IS repairing Mosul dam; Kurds rush to arms

 10 Aug 2014 - 0:25

Sailors launch aircraft from the flight deck of the aircraft carrier USS George H W Bush (CVN 77) in the Gulf, in this August 7 handout image released on Friday. F/A-18 aircraft conducted air strikes against Islamic State artillery used against Kurdish forces defending the city of Arbil in northern Iraq. 

BAGHDAD: Islamic State insurgents who seized Iraq’s biggest dam in a offensive that has caused international consternation have brought in engineers for repairs, witnesses said yesterday, as nervous Kurds stocked up on arms to defend their enclave nearby.
The jihadi Islamists have captured wide swathes of northern Iraq since June, executing non-Sunni Muslim captives, displacing tens of thousands of people and drawing the first US air strikes in the region since Washington withdrew troops in 2011.
After routing Kurdish forces earlier this week, Islamic State militants are just 30 minutes’ drive from Arbil, the Kurdish regional capital which up to now has been spared the sectarian bloodshed that has scarred other parts of Iraq for a decade.
Employees of foreign oil firms in Arbil were flying out. Kurds were snapping up AK-47 assault rifles in arms markets for fear of imminent attack, although these had been ineffective against Islamic State fighters with superior firepower.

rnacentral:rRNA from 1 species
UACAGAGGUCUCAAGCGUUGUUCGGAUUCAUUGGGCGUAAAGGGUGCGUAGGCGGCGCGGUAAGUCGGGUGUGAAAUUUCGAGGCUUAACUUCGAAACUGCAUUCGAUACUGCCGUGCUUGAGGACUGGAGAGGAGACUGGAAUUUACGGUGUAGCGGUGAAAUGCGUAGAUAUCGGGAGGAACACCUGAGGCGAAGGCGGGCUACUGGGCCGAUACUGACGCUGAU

Given the Islamic State threat, a source in the Kurdistan Regional Government said it had received extra supplies of heavy weaponry from the Baghdad federal government “and other governments” in the past few days, but declined to elaborate.
An engineer at Mosul dam told Reuters that Islamic State fighters had brought in engineers to repair an emergency power line to the city, Iraq’s biggest in the north, that had been cut off four days ago, causing power outages and water shortages.
“They are gathering people to work at the dam,” he said.
A dam administrator said that militants were putting up the trademark Islamic State black flags and patrolling with flatbed trucks mounted with machineguns. The Islamic State, comprised mainly of Arabs and foreign fighters who want to reshape the map of the Middle East, pose the biggest threat to Iraq, a major oil exporter, since Saddam Hussein was toppled by a US-led invasion in 2003. The Sunni militants, who have beheaded and crucified captives in their drive to eradicate unbelievers, first arrived in northern Iraq in June from Syria where they have captured wide tracts of territory in that country’s 
civil war. Almost unopposed by US-trained Iraqi government forces who fled by the thousands, the insurgents swept through the region and have threatened to march on Baghdad.